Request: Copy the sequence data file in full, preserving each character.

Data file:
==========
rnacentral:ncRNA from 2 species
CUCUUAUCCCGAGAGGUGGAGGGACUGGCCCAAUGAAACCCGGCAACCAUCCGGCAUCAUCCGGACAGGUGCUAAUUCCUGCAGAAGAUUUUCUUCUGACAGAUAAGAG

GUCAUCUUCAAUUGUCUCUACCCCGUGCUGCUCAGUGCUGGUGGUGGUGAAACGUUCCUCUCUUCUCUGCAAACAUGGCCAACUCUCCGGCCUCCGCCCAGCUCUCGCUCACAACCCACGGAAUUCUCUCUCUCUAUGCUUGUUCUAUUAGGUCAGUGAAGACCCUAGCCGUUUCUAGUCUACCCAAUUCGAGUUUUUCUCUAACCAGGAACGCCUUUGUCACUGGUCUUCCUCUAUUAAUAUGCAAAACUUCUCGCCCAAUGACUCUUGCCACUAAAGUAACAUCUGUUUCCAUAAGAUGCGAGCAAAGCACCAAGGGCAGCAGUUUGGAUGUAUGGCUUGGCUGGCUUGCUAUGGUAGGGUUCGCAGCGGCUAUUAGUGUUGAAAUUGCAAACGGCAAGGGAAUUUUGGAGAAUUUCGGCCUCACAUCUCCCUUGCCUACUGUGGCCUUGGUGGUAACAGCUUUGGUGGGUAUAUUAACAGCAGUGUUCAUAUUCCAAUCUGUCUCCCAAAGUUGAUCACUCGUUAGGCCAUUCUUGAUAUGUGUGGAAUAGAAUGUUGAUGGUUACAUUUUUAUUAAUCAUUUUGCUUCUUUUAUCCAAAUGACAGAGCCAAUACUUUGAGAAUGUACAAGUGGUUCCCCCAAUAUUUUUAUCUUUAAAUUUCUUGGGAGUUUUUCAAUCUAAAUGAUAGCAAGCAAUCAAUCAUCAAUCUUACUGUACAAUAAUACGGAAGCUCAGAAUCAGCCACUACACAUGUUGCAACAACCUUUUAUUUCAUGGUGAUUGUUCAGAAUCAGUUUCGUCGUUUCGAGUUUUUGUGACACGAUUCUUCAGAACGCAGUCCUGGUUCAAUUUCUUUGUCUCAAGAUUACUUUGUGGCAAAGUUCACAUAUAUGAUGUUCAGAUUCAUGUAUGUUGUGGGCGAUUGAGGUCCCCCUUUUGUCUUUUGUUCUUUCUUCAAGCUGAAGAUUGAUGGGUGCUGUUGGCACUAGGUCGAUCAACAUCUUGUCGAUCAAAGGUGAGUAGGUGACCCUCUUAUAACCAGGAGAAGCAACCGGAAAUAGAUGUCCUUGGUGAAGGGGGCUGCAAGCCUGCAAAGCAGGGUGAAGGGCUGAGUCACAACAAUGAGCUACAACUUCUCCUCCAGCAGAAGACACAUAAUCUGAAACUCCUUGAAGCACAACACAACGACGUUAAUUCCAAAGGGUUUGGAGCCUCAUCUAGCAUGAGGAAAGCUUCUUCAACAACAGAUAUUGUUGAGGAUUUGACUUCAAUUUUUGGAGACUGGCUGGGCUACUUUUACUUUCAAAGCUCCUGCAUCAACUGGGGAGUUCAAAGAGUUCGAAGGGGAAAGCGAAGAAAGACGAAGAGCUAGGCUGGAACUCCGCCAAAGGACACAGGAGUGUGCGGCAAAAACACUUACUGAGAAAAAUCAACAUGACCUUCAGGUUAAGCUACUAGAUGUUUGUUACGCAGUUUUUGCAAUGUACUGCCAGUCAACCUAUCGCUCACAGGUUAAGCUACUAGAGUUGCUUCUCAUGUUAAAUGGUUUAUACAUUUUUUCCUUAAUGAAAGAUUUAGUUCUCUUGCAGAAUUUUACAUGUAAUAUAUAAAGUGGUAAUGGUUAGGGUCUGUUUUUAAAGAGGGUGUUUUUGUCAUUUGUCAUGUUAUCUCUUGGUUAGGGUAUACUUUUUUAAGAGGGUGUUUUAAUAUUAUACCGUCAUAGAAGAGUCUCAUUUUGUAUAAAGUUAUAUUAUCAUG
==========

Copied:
rnacentral:ncRNA from 2 species
CUCUUAUCCCGAGAGGUGGAGGGACUGGCCCAAUGAAACCCGGCAACCAUCCGGCAUCAUCCGGACAGGUGCUAAUUCCUGCAGAAGAUUUUCUUCUGACAGAUAAGAG

GUCAUCUUCAAUUGUCUCUACCCCGUGCUGCUCAGUGCUGGUGGUGGUGAAACGUUCCUCUCUUCUCUGCAAACAUGGCCAACUCUCCGGCCUCCGCCCAGCUCUCGCUCACAACCCACGGAAUUCUCUCUCUCUAUGCUUGUUCUAUUAGGUCAGUGAAGACCCUAGCCGUUUCUAGUCUACCCAAUUCGAGUUUUUCUCUAACCAGGAACGCCUUUGUCACUGGUCUUCCUCUAUUAAUAUGCAAAACUUCUCGCCCAAUGACUCUUGCCACUAAAGUAACAUCUGUUUCCAUAAGAUGCGAGCAAAGCACCAAGGGCAGCAGUUUGGAUGUAUGGCUUGGCUGGCUUGCUAUGGUAGGGUUCGCAGCGGCUAUUAGUGUUGAAAUUGCAAACGGCAAGGGAAUUUUGGAGAAUUUCGGCCUCACAUCUCCCUUGCCUACUGUGGCCUUGGUGGUAACAGCUUUGGUGGGUAUAUUAACAGCAGUGUUCAUAUUCCAAUCUGUCUCCCAAAGUUGAUCACUCGUUAGGCCAUUCUUGAUAUGUGUGGAAUAGAAUGUUGAUGGUUACAUUUUUAUUAAUCAUUUUGCUUCUUUUAUCCAAAUGACAGAGCCAAUACUUUGAGAAUGUACAAGUGGUUCCCCCAAUAUUUUUAUCUUUAAAUUUCUUGGGAGUUUUUCAAUCUAAAUGAUAGCAAGCAAUCAAUCAUCAAUCUUACUGUACAAUAAUACGGAAGCUCAGAAUCAGCCACUACACAUGUUGCAACAACCUUUUAUUUCAUGGUGAUUGUUCAGAAUCAGUUUCGUCGUUUCGAGUUUUUGUGACACGAUUCUUCAGAACGCAGUCCUGGUUCAAUUUCUUUGUCUCAAGAUUACUUUGUGGCAAAGUUCACAUAUAUGAUGUUCAGAUUCAUGUAUGUUGUGGGCGAUUGAGGUCCCCCUUUUGUCUUUUGUUCUUUCUUCAAGCUGAAGAUUGAUGGGUGCUGUUGGCACUAGGUCGAUCAACAUCUUGUCGAUCAAAGGUGAGUAGGUGACCCUCUUAUAACCAGGAGAAGCAACCGGAAAUAGAUGUCCUUGGUGAAGGGGGCUGCAAGCCUGCAAAGCAGGGUGAAGGGCUGAGUCACAACAAUGAGCUACAACUUCUCCUCCAGCAGAAGACACAUAAUCUGAAACUCCUUGAAGCACAACACAACGACGUUAAUUCCAAAGGGUUUGGAGCCUCAUCUAGCAUGAGGAAAGCUUCUUCAACAACAGAUAUUGUUGAGGAUUUGACUUCAAUUUUUGGAGACUGGCUGGGCUACUUUUACUUUCAAAGCUCCUGCAUCAACUGGGGAGUUCAAAGAGUUCGAAGGGGAAAGCGAAGAAAGACGAAGAGCUAGGCUGGAACUCCGCCAAAGGACACAGGAGUGUGCGGCAAAAACACUUACUGAGAAAAAUCAACAUGACCUUCAGGUUAAGCUACUAGAUGUUUGUUACGCAGUUUUUGCAAUGUACUGCCAGUCAACCUAUCGCUCACAGGUUAAGCUACUAGAGUUGCUUCUCAUGUUAAAUGGUUUAUACAUUUUUUCCUUAAUGAAAGAUUUAGUUCUCUUGCAGAAUUUUACAUGUAAUAUAUAAAGUGGUAAUGGUUAGGGUCUGUUUUUAAAGAGGGUGUUUUUGUCAUUUGUCAUGUUAUCUCUUGGUUAGGGUAUACUUUUUUAAGAGGGUGUUUUAAUAUUAUACCGUCAUAGAAGAGUCUCAUUUUGUAUAAAGUUAUAUUAUCAUG